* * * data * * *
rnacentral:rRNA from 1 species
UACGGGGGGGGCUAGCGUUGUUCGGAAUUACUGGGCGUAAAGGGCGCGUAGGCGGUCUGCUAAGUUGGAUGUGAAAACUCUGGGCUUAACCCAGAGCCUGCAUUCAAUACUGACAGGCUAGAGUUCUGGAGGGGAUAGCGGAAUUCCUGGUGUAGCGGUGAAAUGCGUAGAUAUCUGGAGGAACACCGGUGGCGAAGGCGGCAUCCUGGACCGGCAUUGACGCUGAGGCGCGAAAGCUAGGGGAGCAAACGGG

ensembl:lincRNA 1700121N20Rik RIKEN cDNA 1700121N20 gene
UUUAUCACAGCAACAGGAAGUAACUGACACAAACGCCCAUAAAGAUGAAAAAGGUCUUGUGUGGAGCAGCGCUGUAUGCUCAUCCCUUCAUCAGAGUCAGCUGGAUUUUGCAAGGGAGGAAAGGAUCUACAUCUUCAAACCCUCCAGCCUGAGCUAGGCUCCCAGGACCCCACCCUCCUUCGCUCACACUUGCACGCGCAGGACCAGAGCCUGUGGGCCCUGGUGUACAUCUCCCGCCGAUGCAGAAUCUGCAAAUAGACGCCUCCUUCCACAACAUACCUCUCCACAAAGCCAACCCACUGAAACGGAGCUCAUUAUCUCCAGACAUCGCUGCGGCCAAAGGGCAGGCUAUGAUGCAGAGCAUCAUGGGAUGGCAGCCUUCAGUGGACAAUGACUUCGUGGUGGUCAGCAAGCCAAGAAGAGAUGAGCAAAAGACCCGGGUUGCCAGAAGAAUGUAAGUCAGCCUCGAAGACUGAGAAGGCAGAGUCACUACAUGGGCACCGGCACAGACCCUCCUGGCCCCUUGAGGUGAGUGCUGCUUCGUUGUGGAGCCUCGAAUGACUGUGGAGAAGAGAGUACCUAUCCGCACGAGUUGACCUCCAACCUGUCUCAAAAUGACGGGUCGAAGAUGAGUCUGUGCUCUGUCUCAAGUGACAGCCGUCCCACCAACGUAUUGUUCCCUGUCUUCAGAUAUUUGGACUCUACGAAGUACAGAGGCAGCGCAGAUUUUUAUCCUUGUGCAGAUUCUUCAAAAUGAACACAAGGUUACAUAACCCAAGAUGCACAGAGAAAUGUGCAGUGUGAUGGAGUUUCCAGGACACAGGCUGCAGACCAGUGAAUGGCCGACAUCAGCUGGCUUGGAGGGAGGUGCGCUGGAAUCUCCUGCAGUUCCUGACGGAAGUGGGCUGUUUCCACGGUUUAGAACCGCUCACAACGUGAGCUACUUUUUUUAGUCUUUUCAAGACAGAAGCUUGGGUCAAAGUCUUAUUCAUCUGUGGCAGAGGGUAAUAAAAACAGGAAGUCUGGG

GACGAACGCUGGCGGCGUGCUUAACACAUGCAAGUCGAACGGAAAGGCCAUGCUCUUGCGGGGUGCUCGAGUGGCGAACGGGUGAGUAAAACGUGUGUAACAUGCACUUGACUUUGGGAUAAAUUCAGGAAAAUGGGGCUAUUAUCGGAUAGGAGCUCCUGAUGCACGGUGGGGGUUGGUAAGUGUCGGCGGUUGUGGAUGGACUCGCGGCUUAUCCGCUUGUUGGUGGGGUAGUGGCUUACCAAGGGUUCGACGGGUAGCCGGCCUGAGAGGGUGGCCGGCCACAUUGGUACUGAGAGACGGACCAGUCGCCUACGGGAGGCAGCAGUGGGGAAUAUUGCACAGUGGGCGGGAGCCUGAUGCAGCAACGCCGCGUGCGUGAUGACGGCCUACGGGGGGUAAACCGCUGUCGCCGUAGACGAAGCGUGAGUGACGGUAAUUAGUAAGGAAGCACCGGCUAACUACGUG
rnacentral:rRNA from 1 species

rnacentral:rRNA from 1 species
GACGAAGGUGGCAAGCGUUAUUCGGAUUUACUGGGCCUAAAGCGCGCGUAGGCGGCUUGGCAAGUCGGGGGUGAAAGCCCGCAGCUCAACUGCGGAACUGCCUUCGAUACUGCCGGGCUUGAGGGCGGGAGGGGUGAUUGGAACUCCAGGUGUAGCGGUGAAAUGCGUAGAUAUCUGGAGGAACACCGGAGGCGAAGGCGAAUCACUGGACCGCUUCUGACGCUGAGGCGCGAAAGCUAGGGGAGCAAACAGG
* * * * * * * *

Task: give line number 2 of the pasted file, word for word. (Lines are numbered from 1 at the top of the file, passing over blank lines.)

UACGGGGGGGGCUAGCGUUGUUCGGAAUUACUGGGCGUAAAGGGCGCGUAGGCGGUCUGCUAAGUUGGAUGUGAAAACUCUGGGCUUAACCCAGAGCCUGCAUUCAAUACUGACAGGCUAGAGUUCUGGAGGGGAUAGCGGAAUUCCUGGUGUAGCGGUGAAAUGCGUAGAUAUCUGGAGGAACACCGGUGGCGAAGGCGGCAUCCUGGACCGGCAUUGACGCUGAGGCGCGAAAGCUAGGGGAGCAAACGGG